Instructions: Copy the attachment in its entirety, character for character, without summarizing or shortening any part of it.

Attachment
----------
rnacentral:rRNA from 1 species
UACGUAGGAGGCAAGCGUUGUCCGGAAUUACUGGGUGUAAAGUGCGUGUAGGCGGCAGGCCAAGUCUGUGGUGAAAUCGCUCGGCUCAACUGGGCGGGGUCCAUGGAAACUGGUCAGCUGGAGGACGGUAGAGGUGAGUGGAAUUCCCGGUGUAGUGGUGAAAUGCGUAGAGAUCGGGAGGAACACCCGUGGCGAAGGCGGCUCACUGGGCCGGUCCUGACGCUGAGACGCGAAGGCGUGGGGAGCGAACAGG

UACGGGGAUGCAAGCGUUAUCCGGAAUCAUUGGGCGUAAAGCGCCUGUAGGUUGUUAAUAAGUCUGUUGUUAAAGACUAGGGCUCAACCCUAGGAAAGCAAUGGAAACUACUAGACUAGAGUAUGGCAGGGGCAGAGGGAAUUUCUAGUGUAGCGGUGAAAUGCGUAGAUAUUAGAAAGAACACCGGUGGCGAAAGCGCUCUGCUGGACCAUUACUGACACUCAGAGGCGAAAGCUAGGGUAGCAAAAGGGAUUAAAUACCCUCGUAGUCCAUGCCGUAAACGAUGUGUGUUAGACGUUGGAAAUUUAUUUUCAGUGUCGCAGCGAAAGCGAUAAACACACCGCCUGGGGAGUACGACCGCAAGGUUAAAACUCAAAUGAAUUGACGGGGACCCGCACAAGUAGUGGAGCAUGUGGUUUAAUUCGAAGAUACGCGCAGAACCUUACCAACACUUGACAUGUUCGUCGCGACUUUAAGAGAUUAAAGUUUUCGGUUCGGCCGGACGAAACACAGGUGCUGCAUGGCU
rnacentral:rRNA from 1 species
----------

rnacentral:rRNA from 1 species
UACGUAGGAGGCAAGCGUUGUCCGGAAUUACUGGGUGUAAAGUGCGUGUAGGCGGCAGGCCAAGUCUGUGGUGAAAUCGCUCGGCUCAACUGGGCGGGGUCCAUGGAAACUGGUCAGCUGGAGGACGGUAGAGGUGAGUGGAAUUCCCGGUGUAGUGGUGAAAUGCGUAGAGAUCGGGAGGAACACCCGUGGCGAAGGCGGCUCACUGGGCCGGUCCUGACGCUGAGACGCGAAGGCGUGGGGAGCGAACAGG

UACGGGGAUGCAAGCGUUAUCCGGAAUCAUUGGGCGUAAAGCGCCUGUAGGUUGUUAAUAAGUCUGUUGUUAAAGACUAGGGCUCAACCCUAGGAAAGCAAUGGAAACUACUAGACUAGAGUAUGGCAGGGGCAGAGGGAAUUUCUAGUGUAGCGGUGAAAUGCGUAGAUAUUAGAAAGAACACCGGUGGCGAAAGCGCUCUGCUGGACCAUUACUGACACUCAGAGGCGAAAGCUAGGGUAGCAAAAGGGAUUAAAUACCCUCGUAGUCCAUGCCGUAAACGAUGUGUGUUAGACGUUGGAAAUUUAUUUUCAGUGUCGCAGCGAAAGCGAUAAACACACCGCCUGGGGAGUACGACCGCAAGGUUAAAACUCAAAUGAAUUGACGGGGACCCGCACAAGUAGUGGAGCAUGUGGUUUAAUUCGAAGAUACGCGCAGAACCUUACCAACACUUGACAUGUUCGUCGCGACUUUAAGAGAUUAAAGUUUUCGGUUCGGCCGGACGAAACACAGGUGCUGCAUGGCU
rnacentral:rRNA from 1 species